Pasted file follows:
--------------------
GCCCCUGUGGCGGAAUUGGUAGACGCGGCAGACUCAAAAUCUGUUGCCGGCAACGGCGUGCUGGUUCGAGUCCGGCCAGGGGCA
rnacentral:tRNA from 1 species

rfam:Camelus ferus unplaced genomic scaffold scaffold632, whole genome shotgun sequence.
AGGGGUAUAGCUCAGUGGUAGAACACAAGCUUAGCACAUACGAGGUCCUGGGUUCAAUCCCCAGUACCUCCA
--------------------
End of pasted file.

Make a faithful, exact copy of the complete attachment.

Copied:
GCCCCUGUGGCGGAAUUGGUAGACGCGGCAGACUCAAAAUCUGUUGCCGGCAACGGCGUGCUGGUUCGAGUCCGGCCAGGGGCA
rnacentral:tRNA from 1 species

rfam:Camelus ferus unplaced genomic scaffold scaffold632, whole genome shotgun sequence.
AGGGGUAUAGCUCAGUGGUAGAACACAAGCUUAGCACAUACGAGGUCCUGGGUUCAAUCCCCAGUACCUCCA